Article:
Brain controls airplane - and perhaps soon, cars?

May 27, 2014 // By Christoph Hammerschmidt
No, this article is not about automotive electronics - at least not yet. But it shows how automated driving in the future perhaps could be complemented: Through the thoughts of the driver.

Scientists from the Technical Universities of Berlin and Munich have demonstrated that an airplane can be flown without touching the yoke - controlled only by the thoughts of the pilot. In an experiment, the scientists wired the brain of the test person with an electroencephalograph through a dozens of electrodes. An algorithm developed at the Berlin TU deciphered the electrical signals from the brain and transformed them into control instructions for an airplane - actually it was a flight simulator with a rather realistic visual representation of the environment and with real control elements. However, the test person did not even touch these control elements, instead he "flew" the plane by means of the signals right from his brain in a demonstration.

The demonstration was part of the Brainflight research project. Within this project, a team around professor Florian Holzapfel from the Munich Technical University tries to find ways to allow humans to directly interact with machines - in this case an airplane, and tomorrow perhaps a car. For the time being, flying is in the focus of the project. "Our long-term vision is to enable more people to fly", said aerospace engineer Tim Fricke who oversees the project. "Steering an aircraft by thoughts could make it much easier to fly. The workload of pilots could be reduced, which in turn would increase the safety level. In addition, pilots could get more freedom of action and assume other manual tasks in the cockpit".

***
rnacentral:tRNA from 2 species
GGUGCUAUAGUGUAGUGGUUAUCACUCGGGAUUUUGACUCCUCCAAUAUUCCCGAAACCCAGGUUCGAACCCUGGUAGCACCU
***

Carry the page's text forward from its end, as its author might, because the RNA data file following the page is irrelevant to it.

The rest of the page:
The scientists now achieved a first breakthrough: They were able to demonstrate that brain-steered flying is possible. And with surprisingly high precision, they pointed out. Seven test persons participated in the flight simulator tests. They had very different levels of experience and knowledge with flying - one of the test persons never before has been on the pilot's seat. They were able to control the simulator at a level of exactness and precision that parts of it